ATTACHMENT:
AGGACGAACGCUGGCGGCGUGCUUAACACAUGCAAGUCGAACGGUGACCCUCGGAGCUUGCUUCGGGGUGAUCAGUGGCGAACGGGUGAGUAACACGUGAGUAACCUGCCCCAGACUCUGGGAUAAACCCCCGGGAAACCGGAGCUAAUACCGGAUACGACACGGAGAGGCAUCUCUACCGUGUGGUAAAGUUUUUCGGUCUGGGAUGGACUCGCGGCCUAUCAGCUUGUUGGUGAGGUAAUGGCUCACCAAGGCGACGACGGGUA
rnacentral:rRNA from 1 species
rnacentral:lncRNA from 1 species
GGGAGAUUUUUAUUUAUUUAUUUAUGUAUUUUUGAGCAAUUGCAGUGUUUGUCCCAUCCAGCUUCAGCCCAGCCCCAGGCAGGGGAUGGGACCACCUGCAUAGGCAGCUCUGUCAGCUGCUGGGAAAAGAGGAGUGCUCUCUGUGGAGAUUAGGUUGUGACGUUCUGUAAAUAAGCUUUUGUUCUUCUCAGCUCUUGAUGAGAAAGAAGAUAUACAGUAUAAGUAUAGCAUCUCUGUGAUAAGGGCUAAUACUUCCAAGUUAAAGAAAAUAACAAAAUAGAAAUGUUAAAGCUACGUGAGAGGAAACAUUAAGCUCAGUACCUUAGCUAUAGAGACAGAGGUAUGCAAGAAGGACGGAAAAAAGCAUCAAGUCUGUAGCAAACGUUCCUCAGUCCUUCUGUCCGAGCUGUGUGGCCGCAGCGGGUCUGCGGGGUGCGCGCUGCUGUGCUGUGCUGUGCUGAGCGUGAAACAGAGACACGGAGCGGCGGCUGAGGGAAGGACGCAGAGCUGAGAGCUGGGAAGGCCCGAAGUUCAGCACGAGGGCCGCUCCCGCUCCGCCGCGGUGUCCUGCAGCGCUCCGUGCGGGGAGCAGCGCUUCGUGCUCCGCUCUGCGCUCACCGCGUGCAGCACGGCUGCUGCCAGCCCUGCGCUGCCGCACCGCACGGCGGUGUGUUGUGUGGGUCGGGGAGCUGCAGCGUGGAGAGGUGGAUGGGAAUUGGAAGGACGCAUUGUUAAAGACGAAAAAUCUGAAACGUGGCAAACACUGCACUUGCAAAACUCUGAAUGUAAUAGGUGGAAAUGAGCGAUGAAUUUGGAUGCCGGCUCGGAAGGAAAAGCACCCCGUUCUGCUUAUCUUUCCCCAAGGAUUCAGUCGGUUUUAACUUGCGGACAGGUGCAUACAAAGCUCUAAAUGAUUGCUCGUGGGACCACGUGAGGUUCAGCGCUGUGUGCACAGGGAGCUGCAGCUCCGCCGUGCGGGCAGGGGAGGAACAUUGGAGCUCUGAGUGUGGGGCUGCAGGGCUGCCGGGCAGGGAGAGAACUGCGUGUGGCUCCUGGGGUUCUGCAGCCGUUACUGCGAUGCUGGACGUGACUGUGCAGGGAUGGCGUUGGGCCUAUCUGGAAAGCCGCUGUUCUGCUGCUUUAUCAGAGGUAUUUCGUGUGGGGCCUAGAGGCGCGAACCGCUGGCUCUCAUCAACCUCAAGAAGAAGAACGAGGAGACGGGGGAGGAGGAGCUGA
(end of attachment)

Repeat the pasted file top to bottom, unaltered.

AGGACGAACGCUGGCGGCGUGCUUAACACAUGCAAGUCGAACGGUGACCCUCGGAGCUUGCUUCGGGGUGAUCAGUGGCGAACGGGUGAGUAACACGUGAGUAACCUGCCCCAGACUCUGGGAUAAACCCCCGGGAAACCGGAGCUAAUACCGGAUACGACACGGAGAGGCAUCUCUACCGUGUGGUAAAGUUUUUCGGUCUGGGAUGGACUCGCGGCCUAUCAGCUUGUUGGUGAGGUAAUGGCUCACCAAGGCGACGACGGGUA
rnacentral:rRNA from 1 species
rnacentral:lncRNA from 1 species
GGGAGAUUUUUAUUUAUUUAUUUAUGUAUUUUUGAGCAAUUGCAGUGUUUGUCCCAUCCAGCUUCAGCCCAGCCCCAGGCAGGGGAUGGGACCACCUGCAUAGGCAGCUCUGUCAGCUGCUGGGAAAAGAGGAGUGCUCUCUGUGGAGAUUAGGUUGUGACGUUCUGUAAAUAAGCUUUUGUUCUUCUCAGCUCUUGAUGAGAAAGAAGAUAUACAGUAUAAGUAUAGCAUCUCUGUGAUAAGGGCUAAUACUUCCAAGUUAAAGAAAAUAACAAAAUAGAAAUGUUAAAGCUACGUGAGAGGAAACAUUAAGCUCAGUACCUUAGCUAUAGAGACAGAGGUAUGCAAGAAGGACGGAAAAAAGCAUCAAGUCUGUAGCAAACGUUCCUCAGUCCUUCUGUCCGAGCUGUGUGGCCGCAGCGGGUCUGCGGGGUGCGCGCUGCUGUGCUGUGCUGUGCUGAGCGUGAAACAGAGACACGGAGCGGCGGCUGAGGGAAGGACGCAGAGCUGAGAGCUGGGAAGGCCCGAAGUUCAGCACGAGGGCCGCUCCCGCUCCGCCGCGGUGUCCUGCAGCGCUCCGUGCGGGGAGCAGCGCUUCGUGCUCCGCUCUGCGCUCACCGCGUGCAGCACGGCUGCUGCCAGCCCUGCGCUGCCGCACCGCACGGCGGUGUGUUGUGUGGGUCGGGGAGCUGCAGCGUGGAGAGGUGGAUGGGAAUUGGAAGGACGCAUUGUUAAAGACGAAAAAUCUGAAACGUGGCAAACACUGCACUUGCAAAACUCUGAAUGUAAUAGGUGGAAAUGAGCGAUGAAUUUGGAUGCCGGCUCGGAAGGAAAAGCACCCCGUUCUGCUUAUCUUUCCCCAAGGAUUCAGUCGGUUUUAACUUGCGGACAGGUGCAUACAAAGCUCUAAAUGAUUGCUCGUGGGACCACGUGAGGUUCAGCGCUGUGUGCACAGGGAGCUGCAGCUCCGCCGUGCGGGCAGGGGAGGAACAUUGGAGCUCUGAGUGUGGGGCUGCAGGGCUGCCGGGCAGGGAGAGAACUGCGUGUGGCUCCUGGGGUUCUGCAGCCGUUACUGCGAUGCUGGACGUGACUGUGCAGGGAUGGCGUUGGGCCUAUCUGGAAAGCCGCUGUUCUGCUGCUUUAUCAGAGGUAUUUCGUGUGGGGCCUAGAGGCGCGAACCGCUGGCUCUCAUCAACCUCAAGAAGAAGAACGAGGAGACGGGGGAGGAGGAGCUGA